Once upon a time I had lots of ideas about how things should be, especially when it came to the behavior of people in Church.
Then God helped me mess everything up.
. . .
A long, long time ago I did not wear ripped jeans to Mass. When I saw someone who did, I did not think too much about it, but I felt that it was wrong. After all, we need to respect God and each other. We need to put effort into Church.
These days I do not wear ripped jeans to Mass. When I see someone who does, I sometimes feel a twinge of guilt. It is quite possible that they are wearing those jeans because they are living a much holier life. Perhaps they are not only wearing through their limited clothing, but then spending their time in more profitable ways than puttering around thrift stores looking for clothing which looks nicer.
There was a time, more recent than the long, long time ago, that I wore ripped jeans to Mass.
There was a Salvation Army donation site down the street and I would walk there to drop off things I deemed unneeded, but the closest thrift store was too far away to justify the gas money to get there. My only option for clothing was the local Wal-Mart. One day, when I was there buying food I saw a rack of clothing on clearance for $1.00.
I could not decide which shirts and skirt to get. So I bought five items, knowing that I could take them home to get my husband’s opinion. I would then return all but two during my next grocery run.
I ended up keeping two shirts and a skirt. I was very happy since it was just in time for Holy Week. I wore the skirt to Church every day that week.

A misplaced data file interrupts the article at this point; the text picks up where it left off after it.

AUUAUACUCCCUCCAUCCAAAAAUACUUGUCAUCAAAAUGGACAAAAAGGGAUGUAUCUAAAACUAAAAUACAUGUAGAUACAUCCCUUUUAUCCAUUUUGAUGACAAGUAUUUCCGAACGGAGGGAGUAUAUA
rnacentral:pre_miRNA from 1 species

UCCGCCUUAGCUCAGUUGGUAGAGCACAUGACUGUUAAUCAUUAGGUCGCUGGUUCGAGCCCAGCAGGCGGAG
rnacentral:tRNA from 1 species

Before that though, I always wore the same jeans.
I did not have anything to give to God during this time. I could not make the typical fasts during Lent because I had no money to give. I could not afford to drive to the nearest city to volunteer. I could not cut back on food because we were already eating the cheapest of legumes and white flour. I told my husband that when his clients finally paid him, we would buy pasta to celebrate. In the meantime though, there was no way to justify the expense of pasta when flour and salt were so much cheaper.
And so I prayed. It was only natural that I should kneel several times a day on the rocks in front of a local grotto.
By the end of Lent my jeans were ripped at the knees.
Eventually the issues which had tied-up my husband’s old attempt at a retirement fund were cleared and we had some money to move to an area with better employment prospects.
I continued to wear the jeans for another month, until I got a new old pair from a sister. In the meantime, when I found a random daily Mass I probably scandalized people by wearing ripped jeans in Church.
These days I have several “respectable” options to wear to Church, thanks to a good job which not only paid enough for me to afford clothing, but both required decent clothing and also provided the opportunity to live in an area where I can walk to stores with cheap clothing.
I don’t wear ripped jeans to Mass. But when I see someone else in ripped jeans I am reminded that there was a time when I would actually bend my knees in prayer enough to tear my jeans. I am reminded that there are faithful people nearby who are suffering from real poverty. I am reminded that every moment I spend shopping for myself is a moment that I did not give to God in the service of others.
I don’t wear ripped jeans to Mass. But I thank God when I see someone else doing so.